On September 13, 2016, the New York Department of Financial Services introduced a new rule that would require banks, insurance companies and other financial institutions regulated by the Department to establish and maintain a cybersecurity program designed to protect consumers and ensure the safety of New York’s financial services industry. The proposed regulation is subject to a 45-day notice and public comment period, following the September 28, 2016 publication in the New York State register before final issuance.
Under the proposed rule, regulated financial institutions would be required to:
- Establish a cybersecurity program;
- Adopt a written cybersecurity policy;
- Designate a Chief Information Security Officer responsible for implementing and overseeing the new cybersecurity program and policy; and
- Have policies and procedures designed to ensure the security of information systems and nonpublic information accessible to third-parties.
Establishment of a Cybersecurity Program
According to the proposed rule, regulated financial institutions will need to establish a “cybersecurity program designed to ensure the confidentiality, integrity and availability of information systems that performs five core cybersecurity functions:”
- Identification of cyber risks.
- Implementation of policies and procedures to protect unauthorized access / use or other malicious acts.
- Detection of cybersecurity events.
- Responsiveness to identified cybersecurity events to mitigate any negative events.
- Recovery from cybersecurity events and restoration of normal operations and services.
Additional requirements for each “cybersecurity program” include:
- Annual penetration testing and vulnerability assessments.
- Implementation and maintenance of an audit trail system to reconstruct transactions and log access privileges.
- Limitations and periodic reviews of access privileges.
- Written application security procedures, guidelines and standards that are reviewed and updated by the CISO at least annually.
- Annual risk assessment of the confidentiality, integrity, and availability of information systems; adequacy of controls; and how identified risks will be mitigated or accepted.
- Employment and training of cybersecurity personnel to stay abreast of changing threats and countermeasures.
- Multi-factor authentication for individuals accessing internal systems who have privileged access or to support functions including remote access.
- Timely destruction of nonpublic information that is no longer necessary except where required to be retained by law or regulation.
- Monitoring of authorized users and cybersecurity awareness training for all personnel.
- Encryption of all nonpublic information held or transmitted.
- Written incident response plan to respond to, and recover from, any cybersecurity event.
Adoption of a Cybersecurity Policy
The new rule would require regulated financial institutions to adopt a written cybersecurity policy, setting forth “policies and procedures for the protection of their information systems and nonpublic information that addresses, at a minimum, the following:”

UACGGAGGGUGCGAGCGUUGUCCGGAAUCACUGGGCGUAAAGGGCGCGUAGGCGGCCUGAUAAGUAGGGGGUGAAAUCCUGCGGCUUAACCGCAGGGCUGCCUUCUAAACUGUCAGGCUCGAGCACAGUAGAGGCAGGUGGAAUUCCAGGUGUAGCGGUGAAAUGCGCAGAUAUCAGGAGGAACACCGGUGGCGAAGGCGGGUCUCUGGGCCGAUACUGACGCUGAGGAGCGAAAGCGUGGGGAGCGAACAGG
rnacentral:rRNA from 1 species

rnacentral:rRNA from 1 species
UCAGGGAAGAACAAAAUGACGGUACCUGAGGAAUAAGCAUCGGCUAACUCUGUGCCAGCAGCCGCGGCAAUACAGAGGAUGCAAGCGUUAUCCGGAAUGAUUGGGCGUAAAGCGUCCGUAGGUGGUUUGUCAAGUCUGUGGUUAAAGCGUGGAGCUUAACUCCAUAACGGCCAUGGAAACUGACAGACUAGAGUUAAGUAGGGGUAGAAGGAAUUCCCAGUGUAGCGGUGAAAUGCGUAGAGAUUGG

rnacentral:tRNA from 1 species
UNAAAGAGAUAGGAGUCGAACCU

- Information security.
- Data governance and classification.
- Access controls and identity management.
- Business continuity and disaster recovery planning and resources.
- Capacity and performance planning.
- Systems operations and availability concerns.
- Systems and network security.
- Systems and network monitoring.
- Systems and application development and quality assurance.
- Physical security and environmental controls.
- Customer data privacy.
- Vendor and third-party service provider management.
- Risk assessment.
- Incident response.
Creation of Chief Information Security Officer
The new rule would require regulated financial institutions to designate a qualified individual to serve as a CISO, responsible for “overseeing and implementing the institution’s cybersecurity program and enforcing its cybersecurity policy.” The new rule also would require the CISO to “report to the board, at least bi-annually to:”
- Assess the confidentiality, integrity and availability of information systems.
- Detail exceptions to cybersecurity policies and procedures.
- Identify cyber risks.
- Assess the effectiveness of the cybersecurity program.
- Propose steps to remediate any inadequacies identified.
- Include a summary of all material cybersecurity events that affected the regulated institution during the time period addressed by the report.
Third Party Protections
The new rule also would require regulated financial institutions to have policies and procedures designed to ensure the security of information systems and nonpublic information accessible to, or held by, third-parties, including the following:
- Identification and risk assessment of third-parties with access to such information systems or such nonpublic information.
- Minimum cybersecurity practices required to be met by such third-parties.
- Due diligence processes used to evaluate the adequacy of cybersecurity practices of such third-parties.
- Periodic assessment, at least annually, of third-parties and the continued adequacy of their cybersecurity practices.
A draft of the proposed rule is here.